• I think it’s an individual thing. Often introverts are good at observing because they’re not deep in conversation with someone else. But they can be distracted by what’s going on inside as well. It depends if what’s going on inside their head is about what they’re observing around them or not. Thanks for your comment.

  • My husband is an introvert while I’m an extrovert…needless to say, this is an awkward combination.
    We constantly miss social gatherings, family gatherings, church picnics…in almost everything, I’m by myself.
    Is there therapy, medicine or any help to put him at ease enough that he and I could go to functions together and it not be a bad experience for him?
    By the way, thank you for this article… VERY helpful!!

    • Marvin says:

      I’m no doctor or psychologist but as an introvert I would advise against seeking medication or therapy because that gives the impression that something is wrong with your husband. From my experience that can be very counterproductive. Think of it this way: How would you feel if he was seeking medication or therapy on your behalf so you can stay home with him and not have a bad experience? As a compromise you could have smaller social gatherings with no more than a dozen people attending. Or for really big events involving large crowds, don’t spend too much time there, maybe an hour at the most. Hope that helps.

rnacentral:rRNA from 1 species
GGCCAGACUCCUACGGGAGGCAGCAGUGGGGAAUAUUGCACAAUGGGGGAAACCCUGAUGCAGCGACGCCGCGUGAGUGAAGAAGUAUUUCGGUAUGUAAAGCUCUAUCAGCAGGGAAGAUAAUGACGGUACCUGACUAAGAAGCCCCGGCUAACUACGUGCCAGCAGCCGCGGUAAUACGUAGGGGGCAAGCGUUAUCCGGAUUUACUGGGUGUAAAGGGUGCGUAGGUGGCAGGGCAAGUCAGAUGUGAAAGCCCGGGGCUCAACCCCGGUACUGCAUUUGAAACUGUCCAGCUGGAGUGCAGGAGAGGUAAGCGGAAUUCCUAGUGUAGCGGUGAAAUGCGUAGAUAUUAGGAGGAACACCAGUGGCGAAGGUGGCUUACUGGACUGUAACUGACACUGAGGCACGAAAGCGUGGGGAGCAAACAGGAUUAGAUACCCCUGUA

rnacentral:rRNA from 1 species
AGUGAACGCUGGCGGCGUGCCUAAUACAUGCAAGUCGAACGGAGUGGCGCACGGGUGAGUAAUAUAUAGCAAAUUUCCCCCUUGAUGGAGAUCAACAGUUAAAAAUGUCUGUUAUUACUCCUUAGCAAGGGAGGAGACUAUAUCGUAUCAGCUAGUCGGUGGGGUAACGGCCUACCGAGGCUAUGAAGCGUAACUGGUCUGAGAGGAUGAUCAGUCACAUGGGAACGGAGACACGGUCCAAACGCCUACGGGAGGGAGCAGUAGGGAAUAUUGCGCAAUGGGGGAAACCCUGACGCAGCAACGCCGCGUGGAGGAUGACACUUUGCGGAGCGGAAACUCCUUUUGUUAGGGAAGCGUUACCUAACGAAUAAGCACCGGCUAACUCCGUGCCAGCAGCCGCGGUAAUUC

• Great points Marvin, introversion isn’t something that needs fixing, but compromise can definitely be helpful. In that way extroverts and introverts can complement each other, rather than conflict.

    • Hi Mary, I think introverts can have a good time at social gatherings if it’s accepted that they are introverts and they’re allowed to hang on the outskirts of the party without being judged. It’s not that it has to be a bad experience, it’s just that they need to be allowed to take time out when they want, and leave when they need to. Good luck.